In 1984 when Nicole Ellis was a baby, her parents received a crushing diagnosis from her pediatrician: cystic fibrosis, a genetic disease that causes the lungs to clog with fluid and can damage …
Diving South Florida’s Best New Underwater Attraction: Lady Luck
By Sue Cocking, Guy Harvey Outpost Travel Journalist
Pulling myself hand over hand down a descent line to the shipwreck Lady Luck against a stiff current took a couple minutes. But when I finally reached the main deck of the 324-foot-long former sludge tanker, I was glad to see it sits perfectly upright in the sand. Sunk on July 23 about 130 feet deep off Pompano Beach, Florida, the region’s newest shipwreck is attracting hundreds of eager divers– and also some fish.
Exploring the Lady Luck is an exciting and challenging experience; there’s really nothing like it underwater anywhere. Longer than a football field with its main deck sitting about 100 feet beneath the ocean’s surface, the former Newtown Creek that for decades performed the mundane task of transporting New York City’s sewage sludge is now decked out as a mock casino. And divers are taking full advantage of the opportunities for underwater selfies.
Our group — consisting mostly of members of the South Florida Divers Scuba Club — arrived at the stern of the ship and worked our way slowly forward, using its giant stacks and bulkheads to shield us from the current. No marine growth coats the wreck, but that’s understandable given how recently it went down. We swam into the wheelhouse to find some navigation equipment still intact, then discovered some unexpected decorations outside on top: sculptures of shells and starfish created by Pompano Beach artist Dennis MacDonald.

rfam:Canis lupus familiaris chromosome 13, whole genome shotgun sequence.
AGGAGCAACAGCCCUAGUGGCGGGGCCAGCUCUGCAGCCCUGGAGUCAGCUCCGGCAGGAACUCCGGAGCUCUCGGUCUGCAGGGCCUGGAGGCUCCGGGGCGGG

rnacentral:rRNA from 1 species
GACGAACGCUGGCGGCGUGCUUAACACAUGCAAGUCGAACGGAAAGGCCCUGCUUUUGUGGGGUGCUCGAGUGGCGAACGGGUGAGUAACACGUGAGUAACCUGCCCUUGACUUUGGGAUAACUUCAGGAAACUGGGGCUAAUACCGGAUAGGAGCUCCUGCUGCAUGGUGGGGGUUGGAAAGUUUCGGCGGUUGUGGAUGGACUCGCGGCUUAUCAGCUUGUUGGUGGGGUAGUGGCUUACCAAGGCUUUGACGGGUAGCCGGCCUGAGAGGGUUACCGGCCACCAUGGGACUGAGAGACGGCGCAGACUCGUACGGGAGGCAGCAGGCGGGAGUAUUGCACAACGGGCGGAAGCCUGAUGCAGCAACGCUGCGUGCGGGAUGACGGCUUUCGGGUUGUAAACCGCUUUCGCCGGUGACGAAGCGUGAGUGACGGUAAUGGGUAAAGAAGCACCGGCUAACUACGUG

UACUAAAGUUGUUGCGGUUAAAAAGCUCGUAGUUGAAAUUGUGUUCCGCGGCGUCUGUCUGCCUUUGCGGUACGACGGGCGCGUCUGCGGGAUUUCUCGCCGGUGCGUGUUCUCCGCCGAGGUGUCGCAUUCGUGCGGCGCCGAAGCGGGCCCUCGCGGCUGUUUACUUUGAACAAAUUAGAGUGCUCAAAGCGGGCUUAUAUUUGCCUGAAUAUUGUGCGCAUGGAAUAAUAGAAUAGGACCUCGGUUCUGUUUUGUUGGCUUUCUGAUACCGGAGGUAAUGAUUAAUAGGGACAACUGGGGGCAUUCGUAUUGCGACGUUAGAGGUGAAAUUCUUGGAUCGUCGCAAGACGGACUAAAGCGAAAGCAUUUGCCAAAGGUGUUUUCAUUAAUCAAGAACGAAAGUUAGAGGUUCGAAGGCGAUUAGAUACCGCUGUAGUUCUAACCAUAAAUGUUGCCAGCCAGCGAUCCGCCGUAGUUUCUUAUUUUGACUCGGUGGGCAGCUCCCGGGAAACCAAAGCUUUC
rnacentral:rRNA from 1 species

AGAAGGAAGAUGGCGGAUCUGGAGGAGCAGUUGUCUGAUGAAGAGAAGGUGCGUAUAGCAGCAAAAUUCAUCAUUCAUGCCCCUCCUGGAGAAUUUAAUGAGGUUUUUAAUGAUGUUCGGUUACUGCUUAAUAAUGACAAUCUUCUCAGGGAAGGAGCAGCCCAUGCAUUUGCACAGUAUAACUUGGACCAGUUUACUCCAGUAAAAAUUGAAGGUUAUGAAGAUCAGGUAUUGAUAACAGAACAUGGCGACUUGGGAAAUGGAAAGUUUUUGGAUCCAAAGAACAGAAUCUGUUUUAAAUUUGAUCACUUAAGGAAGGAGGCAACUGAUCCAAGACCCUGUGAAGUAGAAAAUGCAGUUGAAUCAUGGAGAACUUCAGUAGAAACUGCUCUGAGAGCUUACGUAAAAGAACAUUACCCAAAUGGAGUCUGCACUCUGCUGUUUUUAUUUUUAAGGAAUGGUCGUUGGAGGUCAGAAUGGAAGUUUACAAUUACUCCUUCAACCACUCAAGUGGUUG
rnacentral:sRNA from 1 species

Continuing forward, we found giant dice; a poker table surrounded by sculptures of card sharks and a mermaid cocktail waitress; an octopus shooting craps; and a couple slot machines. Ironically, a school of real Atlantic spadefish hovered around the poker table!
Because of Lady Luck’s length and depth, it’s tough to cover in a single dive. Divers will want to return again and again to visit parts of the ship that they didn’t have time to see the first time around. And it won’t be too long before sponges and soft corals begin to attach to its decks and bulkheads and extensive network of piping, creating habitat for fish both large and small.
The Lady Luck is expected to be the centerpiece of Shipwreck Park, surrounded by 16 other sunken vessels. Its deployment was the work of a non-profit formed by the city of Pompano Beach, the Isle Casino and several local businesses that raised more than $300,000 to purchase, clean and sink it. Captain Jeff Torode, operator of South Florida Diving Headquarters, a Guy Harvey Outpost Outfitter in Pompano Beach, was a key player in the project.
To book a dive trip to the Lady Luck, call 800-771-DIVE (3483) or visit the SFDH web site.
Sue Cocking chronicles the Guy Harvey Outpost travel and adventure experience in regular blog posts on GuyHarveyOutpostNews.com/. For 21 years, Cocking covered the full spectrum of outdoors adventure opportunities in South Florida and beyond for the Miami Herald, including fishing, diving, hunting, paddling, camping, sailing and powerboat racing. She is a certified scuba diver and holder of an IGFA women’s world fly fishing record for a 29-pound permit.
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